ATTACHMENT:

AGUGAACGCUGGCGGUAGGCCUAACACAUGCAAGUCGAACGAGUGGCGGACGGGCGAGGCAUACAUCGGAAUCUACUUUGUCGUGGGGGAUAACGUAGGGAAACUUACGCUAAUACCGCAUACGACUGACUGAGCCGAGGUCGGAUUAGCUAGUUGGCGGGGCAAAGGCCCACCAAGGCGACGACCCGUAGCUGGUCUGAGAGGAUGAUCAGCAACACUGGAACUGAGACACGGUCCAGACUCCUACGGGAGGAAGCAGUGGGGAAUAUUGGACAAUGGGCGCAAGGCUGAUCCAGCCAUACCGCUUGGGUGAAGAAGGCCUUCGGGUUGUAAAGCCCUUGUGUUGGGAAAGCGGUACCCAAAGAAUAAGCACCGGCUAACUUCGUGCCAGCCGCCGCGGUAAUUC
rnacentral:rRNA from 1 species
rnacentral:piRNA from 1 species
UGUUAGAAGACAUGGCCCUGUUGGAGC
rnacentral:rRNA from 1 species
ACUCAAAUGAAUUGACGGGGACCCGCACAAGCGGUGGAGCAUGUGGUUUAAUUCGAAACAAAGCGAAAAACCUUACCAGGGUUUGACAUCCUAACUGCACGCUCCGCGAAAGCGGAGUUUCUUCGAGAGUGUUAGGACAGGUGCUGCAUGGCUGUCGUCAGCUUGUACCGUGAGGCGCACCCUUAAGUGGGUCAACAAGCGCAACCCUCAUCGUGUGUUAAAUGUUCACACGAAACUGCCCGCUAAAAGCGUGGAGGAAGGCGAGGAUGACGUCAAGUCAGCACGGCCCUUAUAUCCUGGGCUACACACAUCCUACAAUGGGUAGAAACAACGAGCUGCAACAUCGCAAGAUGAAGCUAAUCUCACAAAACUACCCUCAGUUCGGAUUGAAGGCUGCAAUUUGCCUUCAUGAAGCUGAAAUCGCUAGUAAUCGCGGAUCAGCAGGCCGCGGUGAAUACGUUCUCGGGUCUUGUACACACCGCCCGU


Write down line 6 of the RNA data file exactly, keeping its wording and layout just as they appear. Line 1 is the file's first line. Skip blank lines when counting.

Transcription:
ACUCAAAUGAAUUGACGGGGACCCGCACAAGCGGUGGAGCAUGUGGUUUAAUUCGAAACAAAGCGAAAAACCUUACCAGGGUUUGACAUCCUAACUGCACGCUCCGCGAAAGCGGAGUUUCUUCGAGAGUGUUAGGACAGGUGCUGCAUGGCUGUCGUCAGCUUGUACCGUGAGGCGCACCCUUAAGUGGGUCAACAAGCGCAACCCUCAUCGUGUGUUAAAUGUUCACACGAAACUGCCCGCUAAAAGCGUGGAGGAAGGCGAGGAUGACGUCAAGUCAGCACGGCCCUUAUAUCCUGGGCUACACACAUCCUACAAUGGGUAGAAACAACGAGCUGCAACAUCGCAAGAUGAAGCUAAUCUCACAAAACUACCCUCAGUUCGGAUUGAAGGCUGCAAUUUGCCUUCAUGAAGCUGAAAUCGCUAGUAAUCGCGGAUCAGCAGGCCGCGGUGAAUACGUUCUCGGGUCUUGUACACACCGCCCGU